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That We Might Not Stumble

December 10th, 2015

These things I have spoken to you, that you should not be made to stumble.

John 16:1

The intent of Christ in His teachings in John 15 was that we might not stumble in our hearts toward Him, that we might not become ensnared in temptations and in our lusts or pride, that we might not be caught unaware of the spiritual dangers that are around us.

The word translated “stumble” is skandalizo, from which we get our English word “scandal.” It means to put a stumbling block in someone’s way, to corrupt someone’s loyalty to God, to plant distrust and doubt. It could also mean to be offended, to see in another something negative and, in our relationship with God, it would mean to find something that would hinder our obedience, that would discourage us and influence us not to obey His authority.

The Primacy of Life in Christ: Christ’s teachings are fundamentally positive and the primary message is life in Him. Christ’s words about not stumbling related to the statements about persecution He had just uttered, because the following verses pick up the same theme. But, yet, He used them also to remind us of the strength of the presence of the Spirit. He said: “These things I did not say to you at the beginning, because I was with you” (John 16:4). While He was with the disciples in the flesh, there was no reason to talk about the hard days to come. His main purpose was not to prepare His disciples for persecution but to introduce them to true life.

He was with the disciples for three years and the focus of His time with them was righteousness and the kingdom of God. Yet He did not avoid the subject of persecution either. He knew that in times of persecution - no matter how fleeting they may be, especially in light of eternity - they can be very intense and cause a believer to feel completely abandoned by God. And we often will “feel” abandoned, and question where God is and what has He left us all alone, even when we deal with minor frustrations. The psalmists were quick to complain when they felt that God was no longer with them,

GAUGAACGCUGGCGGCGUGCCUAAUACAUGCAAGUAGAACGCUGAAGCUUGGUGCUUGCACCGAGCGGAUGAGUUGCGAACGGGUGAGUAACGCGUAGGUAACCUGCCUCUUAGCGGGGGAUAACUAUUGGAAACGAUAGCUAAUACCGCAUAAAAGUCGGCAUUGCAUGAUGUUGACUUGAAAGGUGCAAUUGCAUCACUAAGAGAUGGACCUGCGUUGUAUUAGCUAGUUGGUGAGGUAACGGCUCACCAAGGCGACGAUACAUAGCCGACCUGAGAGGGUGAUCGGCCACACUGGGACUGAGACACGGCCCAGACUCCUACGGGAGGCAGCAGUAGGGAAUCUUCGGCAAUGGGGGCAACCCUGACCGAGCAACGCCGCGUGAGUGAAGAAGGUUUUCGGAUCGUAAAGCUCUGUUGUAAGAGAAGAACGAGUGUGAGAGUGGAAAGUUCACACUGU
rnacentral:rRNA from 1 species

Psalm 28:1: To You I will cry, O LORD my Rock: do not be silent to me lest, if You are silent to me, I become like those who go down to the pit.

But the focus of Christ’s teaching here and throughout His ministry is positive in nature. He assures us that the blessings of faith and obedience to Him far outweigh the difficulties of persecution. So He spoke these principles of spiritual life - He is the Vine and we are the branches - so that we might know that our strength is not in our circumstances but in the spiritual life of the Spirit of God.

The Fellowship of the Spirit: Christ also did not teach them about persecution from the very beginning because when He was with them the persecution fell mainly on Him. “Strike the Shepherd and the sheep will scatter” was the thinking of the opposition to Christ (Matt. 26:31). But He left them after the resurrection and ascended on high, and the Spirit of Christ came to indwell the church and to empower us. So His teaching of life also prepared the disciples and us to realize that the Spirit of God will be with us in all of our challenges.

Christ said, “It is to your advantage that I go away, for if I do not go away, the Helper will not come to you. But if I go, I will send him to you” (John 16:7). Our pattern of life is the same as that of Christ during His life. The Spirit of God has now come into the world and just as Christ lived by the strength of the Spirit, now we His followers also live in the same way.

Hebrews 12:3-4: Consider him who endured from sinners such hostility against himself, so that you may not grow weary or fainthearted. In your struggle against sin you have not yet resisted to the point of shedding your blood.

The Spirit guide us into all truth and applies in our lives the spiritual riches of Christ (John 16:13).